TLA Assessment
 

Assessment is fundamentally about understanding and improving student learning. As learning takes place in many places and at many levels so does assessment. The Assessment section of the TLA webpage provides a brief overview of assessment at DePaul University and offers information and resources to support faculty conducting assessments in their courses, for department and program committees charged with assessment of student learning in their areas, and for administrators who coordinate assessment across their college or school.

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An Overview of Assessment at DePaul:

Assessment is done first and foremost to improve student learning. The process involves:

  • gathering information about how our students are learning;
  • reviewing and reflecting on that information;
  • and then using those results to improve learning.

The Office for Teaching, Learning, and Assessment with its Faculty Advisory Board developed a formal academic assessment process designed to:

  1. clarify and communicate learning goals and outcomes;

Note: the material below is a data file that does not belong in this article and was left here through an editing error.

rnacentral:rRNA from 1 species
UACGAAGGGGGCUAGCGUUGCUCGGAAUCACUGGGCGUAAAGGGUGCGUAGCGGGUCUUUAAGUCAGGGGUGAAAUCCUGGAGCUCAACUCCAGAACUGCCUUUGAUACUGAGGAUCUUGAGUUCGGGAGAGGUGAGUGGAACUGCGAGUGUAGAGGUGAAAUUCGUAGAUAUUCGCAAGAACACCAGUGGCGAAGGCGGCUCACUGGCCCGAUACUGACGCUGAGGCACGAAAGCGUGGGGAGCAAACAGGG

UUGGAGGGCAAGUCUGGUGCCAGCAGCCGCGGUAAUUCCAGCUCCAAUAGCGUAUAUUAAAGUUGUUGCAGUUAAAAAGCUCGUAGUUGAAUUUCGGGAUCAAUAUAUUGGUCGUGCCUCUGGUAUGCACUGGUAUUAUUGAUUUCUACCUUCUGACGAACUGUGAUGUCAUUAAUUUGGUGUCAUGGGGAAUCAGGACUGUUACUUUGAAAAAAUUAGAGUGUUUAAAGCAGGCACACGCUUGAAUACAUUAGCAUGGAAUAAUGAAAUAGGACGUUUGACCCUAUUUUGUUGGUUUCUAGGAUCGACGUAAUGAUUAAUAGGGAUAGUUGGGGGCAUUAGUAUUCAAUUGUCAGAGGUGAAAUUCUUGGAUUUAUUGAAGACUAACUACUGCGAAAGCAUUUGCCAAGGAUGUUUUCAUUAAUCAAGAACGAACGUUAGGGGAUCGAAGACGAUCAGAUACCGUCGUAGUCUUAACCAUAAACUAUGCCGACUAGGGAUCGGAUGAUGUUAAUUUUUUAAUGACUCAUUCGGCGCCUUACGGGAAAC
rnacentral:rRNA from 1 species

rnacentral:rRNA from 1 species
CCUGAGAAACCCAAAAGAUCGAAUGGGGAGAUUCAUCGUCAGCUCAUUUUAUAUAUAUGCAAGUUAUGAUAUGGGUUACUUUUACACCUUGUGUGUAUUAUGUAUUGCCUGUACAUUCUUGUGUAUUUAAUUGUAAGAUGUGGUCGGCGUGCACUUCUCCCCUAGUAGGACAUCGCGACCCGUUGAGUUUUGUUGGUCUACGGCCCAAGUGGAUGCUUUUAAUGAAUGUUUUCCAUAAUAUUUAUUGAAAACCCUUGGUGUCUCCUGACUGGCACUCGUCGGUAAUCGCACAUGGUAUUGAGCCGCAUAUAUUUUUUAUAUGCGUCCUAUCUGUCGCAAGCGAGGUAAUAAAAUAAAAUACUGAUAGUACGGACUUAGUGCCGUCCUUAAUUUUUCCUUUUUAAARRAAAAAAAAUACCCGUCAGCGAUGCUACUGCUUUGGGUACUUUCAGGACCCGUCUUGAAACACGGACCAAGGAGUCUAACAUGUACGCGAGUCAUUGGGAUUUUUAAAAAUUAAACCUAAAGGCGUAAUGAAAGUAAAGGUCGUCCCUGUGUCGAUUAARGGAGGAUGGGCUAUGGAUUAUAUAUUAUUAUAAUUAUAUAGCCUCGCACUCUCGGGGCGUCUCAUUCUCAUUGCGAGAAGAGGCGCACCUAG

2. gather and analyze evidence of learning related to goals;
  3. encourage thoughtful revisions to curriculum and teaching strategies;
  4. facilitate the sharing of information about student learning and successful practices among the University's colleges, departments, and programs; and,
  5. meet HLC-NCA and other accrediting agencies’ requirements.

The assessment process incorporated input from faculty, deans, and university administrators and was approved by Faculty Council in 2001.

For information on assessment in the Division of Student Affairs, please visit their web site.

Steps Toward Creating a “Culture of Assessment” at an Institution*

Where is your unit in developing a culture of assessment?

Step Attitude
Denial It’s a fad. If I ignore it, it will go away.
Acceptance OK. I guess we have to do it.
Resistance I feel threatened. My department feels threatened. My campus feels threatened. Can I subvert it by not participating in the process or in some other way?
Understanding Maybe we can learn something useful. Can we use what we’ve already been doing?
Campaign We have a plan. Maybe it’s not perfect, but let’s get moving!
Collaboration We have a plan with long-range objectives that are clearly defined, and based on our experiences with assessment, we believe it works.
Institutionalization. At this step, your unit has developed a “culture of assessment!” We can’t imagine working without assessment. It’s a permanent part of our institutional culture.

*adapted from Allen, M. J. (2004). Assessing academic programs in higher education, p.7. Anker Publishing Company: Bolton, MA.